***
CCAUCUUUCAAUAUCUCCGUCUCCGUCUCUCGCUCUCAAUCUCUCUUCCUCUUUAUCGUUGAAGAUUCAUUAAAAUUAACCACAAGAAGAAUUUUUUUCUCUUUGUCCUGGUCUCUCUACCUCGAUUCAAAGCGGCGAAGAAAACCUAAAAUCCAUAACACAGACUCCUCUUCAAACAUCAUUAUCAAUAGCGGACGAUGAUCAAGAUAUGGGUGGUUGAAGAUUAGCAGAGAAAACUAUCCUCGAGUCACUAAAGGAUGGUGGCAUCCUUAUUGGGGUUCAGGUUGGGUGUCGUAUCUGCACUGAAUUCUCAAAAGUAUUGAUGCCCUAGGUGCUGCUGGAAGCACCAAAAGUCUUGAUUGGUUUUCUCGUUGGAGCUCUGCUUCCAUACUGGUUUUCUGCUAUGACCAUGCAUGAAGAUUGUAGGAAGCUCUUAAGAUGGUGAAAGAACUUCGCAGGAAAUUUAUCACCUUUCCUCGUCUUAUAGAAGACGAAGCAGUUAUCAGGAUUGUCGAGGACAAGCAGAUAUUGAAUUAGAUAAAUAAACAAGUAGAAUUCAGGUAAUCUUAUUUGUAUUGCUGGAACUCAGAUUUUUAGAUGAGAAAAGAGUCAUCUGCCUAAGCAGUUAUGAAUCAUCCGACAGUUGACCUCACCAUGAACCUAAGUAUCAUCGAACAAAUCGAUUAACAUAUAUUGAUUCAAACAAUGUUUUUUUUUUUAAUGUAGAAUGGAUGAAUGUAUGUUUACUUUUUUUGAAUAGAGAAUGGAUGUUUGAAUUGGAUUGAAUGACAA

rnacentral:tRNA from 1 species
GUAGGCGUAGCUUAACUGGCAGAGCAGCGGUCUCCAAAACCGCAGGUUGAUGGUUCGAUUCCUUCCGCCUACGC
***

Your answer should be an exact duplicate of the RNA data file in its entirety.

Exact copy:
CCAUCUUUCAAUAUCUCCGUCUCCGUCUCUCGCUCUCAAUCUCUCUUCCUCUUUAUCGUUGAAGAUUCAUUAAAAUUAACCACAAGAAGAAUUUUUUUCUCUUUGUCCUGGUCUCUCUACCUCGAUUCAAAGCGGCGAAGAAAACCUAAAAUCCAUAACACAGACUCCUCUUCAAACAUCAUUAUCAAUAGCGGACGAUGAUCAAGAUAUGGGUGGUUGAAGAUUAGCAGAGAAAACUAUCCUCGAGUCACUAAAGGAUGGUGGCAUCCUUAUUGGGGUUCAGGUUGGGUGUCGUAUCUGCACUGAAUUCUCAAAAGUAUUGAUGCCCUAGGUGCUGCUGGAAGCACCAAAAGUCUUGAUUGGUUUUCUCGUUGGAGCUCUGCUUCCAUACUGGUUUUCUGCUAUGACCAUGCAUGAAGAUUGUAGGAAGCUCUUAAGAUGGUGAAAGAACUUCGCAGGAAAUUUAUCACCUUUCCUCGUCUUAUAGAAGACGAAGCAGUUAUCAGGAUUGUCGAGGACAAGCAGAUAUUGAAUUAGAUAAAUAAACAAGUAGAAUUCAGGUAAUCUUAUUUGUAUUGCUGGAACUCAGAUUUUUAGAUGAGAAAAGAGUCAUCUGCCUAAGCAGUUAUGAAUCAUCCGACAGUUGACCUCACCAUGAACCUAAGUAUCAUCGAACAAAUCGAUUAACAUAUAUUGAUUCAAACAAUGUUUUUUUUUUUAAUGUAGAAUGGAUGAAUGUAUGUUUACUUUUUUUGAAUAGAGAAUGGAUGUUUGAAUUGGAUUGAAUGACAA

rnacentral:tRNA from 1 species
GUAGGCGUAGCUUAACUGGCAGAGCAGCGGUCUCCAAAACCGCAGGUUGAUGGUUCGAUUCCUUCCGCCUACGC